Lee and her colleagues hope to discover how much CO2 and CH4 is emitted from permafrost soils because of thawing, the latter being a much more powerful greenhouse gas than CO2.
– One unique thing about permafrost is that it preserves large amounts of organic matter (old plant remains) in the ground, and therefore contains a lot of carbon. At the same time permafrost prevents an increase in ice-melting and risk of land surface subsidence on a very large scale, sometimes as large as the size of a football field, Lee says.
Methane is a far more “powerful” greenhouse gas compared to CO2, but luckily, the process involved in soil organic matter decomposition is much slower when it is favorable condition in producing CH4 than CO2.
– Under anaerobic conditions, soil organic matter decomposition results in emissions of both CO2 and CH4, where CH4 being more powerful greenhouse gas than CO”. Methane gas does not evolve slowly, it is the decomposition process that emits methane which is slower. Under aerobic conditions, when a mire becomes dryer, decomposition of organic matter occurs at a faster rate than under anaerobic conditions, where things are completely inundated, Christiansen explains.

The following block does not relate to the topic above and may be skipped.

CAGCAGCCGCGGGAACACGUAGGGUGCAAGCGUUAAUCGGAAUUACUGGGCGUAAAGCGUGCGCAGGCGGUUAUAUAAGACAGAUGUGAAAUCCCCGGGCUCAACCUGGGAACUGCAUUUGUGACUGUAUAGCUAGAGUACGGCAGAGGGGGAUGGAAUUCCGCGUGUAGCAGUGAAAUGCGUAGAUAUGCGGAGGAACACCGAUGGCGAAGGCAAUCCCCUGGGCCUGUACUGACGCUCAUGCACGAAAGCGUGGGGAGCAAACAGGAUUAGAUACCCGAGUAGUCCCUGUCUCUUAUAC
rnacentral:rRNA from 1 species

The fieldwork took place near the Iškoras mountain, a half an hour drive and an hour hike from the cabin in Karasjok that the researchers use as basecamp.
– A big advantage of working far north during the summertime is that the sun never sets –definitely helpful when days in the field are limited, and lots of new equipment is waiting to be installed, and samples and measurements need to be obtained, says Casper Christiansen.
Whereas the Karasjok summer can get relatively ‘hot’ (average July air temperature is +13 °C), the winter on Finnmarksvidda is still so cold that some areas have permafrost, while other thawing areas nearby have turned into wetlands.
Finnmark is now one of many discontinuous permafrost regions where the average annual soil temperature is approaching 0 °C. That means thawing, and at worst, the permafrost might degrade fast.
– In several places in Norway the permafrost is about to reach 0 °C. We see that half the moor areas at Finnmarksvidda, the so called pals mire have disappeared over the last 50 years, Sebastian Westermann, associate professor at the department of Geosciences, University of Oslo, told forskning.no